"Now, taxi drivers are following their example and more are now picking up litter up, instead of throwing it down," Davids said. "Now the rank is clean more often than it's dirty," she giggles.
The excitement levels of the 510 foundation phase learners at Pauw Gedenk Primêr peaked during the week of the Community Schools Initiative week when Wellington Mayor, Charmaine Manuel, visited the school for the first time.
As part of their Community Schools Focus Week's activities, some of the Grade 3 learners were chosen to introduce Manuel to the entire staff. They literally bristled with excitement as they did so, in English, Afrikaans and Xhosa.
Hearing that Manuel had been a teacher for 27 years, they were eager to show off their school, and beamed proudly when she commended them on their respectful manner and their clean, well-kept school.
After spending several hours building a shack, slack-jawed young learners watched a fire destroy it in mere minutes. Fortunately the speculator blaze was quickly extinguished by firemen.
All this was part of the Drakenstein Fire Department's demonstration of how quickly fire ravages an informal settlement.
The 300 learners of Groenheuwel Primary school in Paarl, live in the nearby Fairyland informal settlement, home to several thousand people. "Now I know what some of my friends in my class go through when a fire breaks out in Fairyland," said 12-year-old Grade 7 Groenheuwel head girl Robin Davids.
"The firemen also showed us what to do if we burn our hands or if our clothes are on fire," she said. The Stop, Drop and Roll is a life-saving, easy-to-learn procedure, which even children can teach to others.
The fire prevention and safety demonstration was part of the Groenheuwel's programme for the Western Cape Education Department's Community School's Week Initiative.
Teachers at the Orleansvale Primary in Paarl were treated to a special surprise this week when parents showed up at school to show their appreciation.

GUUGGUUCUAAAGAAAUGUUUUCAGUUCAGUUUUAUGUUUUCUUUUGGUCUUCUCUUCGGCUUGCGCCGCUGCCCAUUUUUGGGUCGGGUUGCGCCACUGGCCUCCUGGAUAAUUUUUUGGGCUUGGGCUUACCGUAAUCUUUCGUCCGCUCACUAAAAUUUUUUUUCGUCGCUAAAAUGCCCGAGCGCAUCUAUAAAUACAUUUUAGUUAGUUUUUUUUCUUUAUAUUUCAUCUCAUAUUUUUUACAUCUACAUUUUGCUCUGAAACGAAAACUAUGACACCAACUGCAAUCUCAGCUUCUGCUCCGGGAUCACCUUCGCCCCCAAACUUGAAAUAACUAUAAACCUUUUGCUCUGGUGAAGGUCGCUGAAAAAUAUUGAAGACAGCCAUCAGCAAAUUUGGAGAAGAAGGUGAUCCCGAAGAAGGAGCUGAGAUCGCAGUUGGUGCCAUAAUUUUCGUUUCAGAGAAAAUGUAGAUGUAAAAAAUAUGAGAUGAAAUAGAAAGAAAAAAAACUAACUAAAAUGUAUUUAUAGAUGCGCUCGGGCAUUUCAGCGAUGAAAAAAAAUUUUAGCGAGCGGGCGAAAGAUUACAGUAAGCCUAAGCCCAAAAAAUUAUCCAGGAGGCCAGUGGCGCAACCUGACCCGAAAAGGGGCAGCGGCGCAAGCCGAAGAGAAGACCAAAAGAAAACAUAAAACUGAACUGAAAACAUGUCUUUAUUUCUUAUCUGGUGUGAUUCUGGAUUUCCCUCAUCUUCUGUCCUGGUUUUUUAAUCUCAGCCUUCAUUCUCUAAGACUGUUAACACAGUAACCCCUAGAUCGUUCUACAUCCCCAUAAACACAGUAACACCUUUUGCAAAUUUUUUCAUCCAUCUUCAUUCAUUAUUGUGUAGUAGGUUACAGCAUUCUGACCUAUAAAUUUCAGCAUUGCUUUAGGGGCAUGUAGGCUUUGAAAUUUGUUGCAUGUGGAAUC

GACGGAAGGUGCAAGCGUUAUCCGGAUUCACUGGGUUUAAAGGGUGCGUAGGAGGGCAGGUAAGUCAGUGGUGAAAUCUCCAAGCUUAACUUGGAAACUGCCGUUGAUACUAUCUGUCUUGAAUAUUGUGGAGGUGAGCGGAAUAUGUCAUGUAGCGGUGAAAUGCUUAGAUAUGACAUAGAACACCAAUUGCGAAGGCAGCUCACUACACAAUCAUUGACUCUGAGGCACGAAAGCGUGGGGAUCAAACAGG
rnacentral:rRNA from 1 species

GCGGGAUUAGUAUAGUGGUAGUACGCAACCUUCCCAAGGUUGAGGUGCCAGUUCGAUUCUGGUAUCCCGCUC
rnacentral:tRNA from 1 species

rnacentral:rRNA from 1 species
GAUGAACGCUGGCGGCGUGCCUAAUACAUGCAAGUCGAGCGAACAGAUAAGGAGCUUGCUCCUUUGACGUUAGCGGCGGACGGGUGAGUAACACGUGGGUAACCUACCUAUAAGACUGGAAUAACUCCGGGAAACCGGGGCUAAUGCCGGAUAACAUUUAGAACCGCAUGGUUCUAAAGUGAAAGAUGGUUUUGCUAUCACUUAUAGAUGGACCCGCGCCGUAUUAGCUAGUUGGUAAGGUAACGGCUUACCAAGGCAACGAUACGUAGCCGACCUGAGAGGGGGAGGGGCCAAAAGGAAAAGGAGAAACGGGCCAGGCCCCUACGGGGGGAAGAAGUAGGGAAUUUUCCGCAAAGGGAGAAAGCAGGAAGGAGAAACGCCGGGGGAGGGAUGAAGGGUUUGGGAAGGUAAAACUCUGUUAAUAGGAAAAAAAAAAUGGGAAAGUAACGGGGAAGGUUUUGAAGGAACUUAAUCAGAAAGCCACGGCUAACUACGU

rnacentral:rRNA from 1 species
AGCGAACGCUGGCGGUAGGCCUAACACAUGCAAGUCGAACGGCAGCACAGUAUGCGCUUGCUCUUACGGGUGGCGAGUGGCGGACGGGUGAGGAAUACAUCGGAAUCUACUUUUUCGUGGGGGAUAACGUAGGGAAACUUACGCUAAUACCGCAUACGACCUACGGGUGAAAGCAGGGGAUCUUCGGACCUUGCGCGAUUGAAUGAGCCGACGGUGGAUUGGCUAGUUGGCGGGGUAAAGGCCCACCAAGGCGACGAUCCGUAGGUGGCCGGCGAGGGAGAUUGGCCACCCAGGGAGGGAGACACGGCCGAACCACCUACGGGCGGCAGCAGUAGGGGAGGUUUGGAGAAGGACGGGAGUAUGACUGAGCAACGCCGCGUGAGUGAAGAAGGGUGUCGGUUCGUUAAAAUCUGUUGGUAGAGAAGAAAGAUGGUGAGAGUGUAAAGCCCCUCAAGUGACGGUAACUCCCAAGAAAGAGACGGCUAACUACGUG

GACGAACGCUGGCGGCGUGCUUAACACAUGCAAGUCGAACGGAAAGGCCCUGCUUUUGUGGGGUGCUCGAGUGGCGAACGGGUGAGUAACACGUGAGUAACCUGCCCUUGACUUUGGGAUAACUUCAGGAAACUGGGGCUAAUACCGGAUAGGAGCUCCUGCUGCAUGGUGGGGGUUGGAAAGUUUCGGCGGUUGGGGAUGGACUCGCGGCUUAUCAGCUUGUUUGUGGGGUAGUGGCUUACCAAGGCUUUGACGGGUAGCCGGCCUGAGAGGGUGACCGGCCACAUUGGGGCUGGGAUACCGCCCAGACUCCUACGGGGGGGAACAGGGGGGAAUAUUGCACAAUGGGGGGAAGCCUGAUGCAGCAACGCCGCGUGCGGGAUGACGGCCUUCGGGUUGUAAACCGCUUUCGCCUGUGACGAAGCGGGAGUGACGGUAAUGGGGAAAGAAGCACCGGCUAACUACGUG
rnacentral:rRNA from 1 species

Teachers received flowers, sweets and chocolates and letters from parents thanking them for the contribution they were making to education their children.
Teachers were also served tea by the elderly from the Chicago Centre for the Aged.
As part of the school's activities for the Western Cape Education Department's (WCED) Community Schools Initiative Focus, parents and elderly residents participated in storytelling lessons for learners.
School principal Mr Elmo Cairncross said parents and the elderly recalled stories of their past and also involved pupils in reading lessons.
The school, situated in an area of Paarl known as "Chicago" because of its history of gang violence, has about 650 pupils. Orleansvale celebrates its 21st anniversary in 2007.
The Langabuya Primary in Mbekweni near Paarl took the first steps towards the growing of a vegetable garden that very soon will be able to feed large numbers at the school.
School principal Muriel Ndzuzo, teachers, pupils and many of their parents were hard at work this week tending to the vegetables - onions, spinach, cabbage and beetroot - that has been planted.
"The vegetables we are growing now will only be able to feed pupils in the foundation phase but we want to expand it to be able to feed Grade R pupils and pupils in higher standards," said Ms Ndzuzo.
As part of the school's activities for the Western Cape Education Department's (WCED) Community Schools Initiative Focus more plants and seeds will be purchased.
Mrs Ndzuzo said that more garden equipment would be purchased and the plan was to erect a fence around the vegetable garden.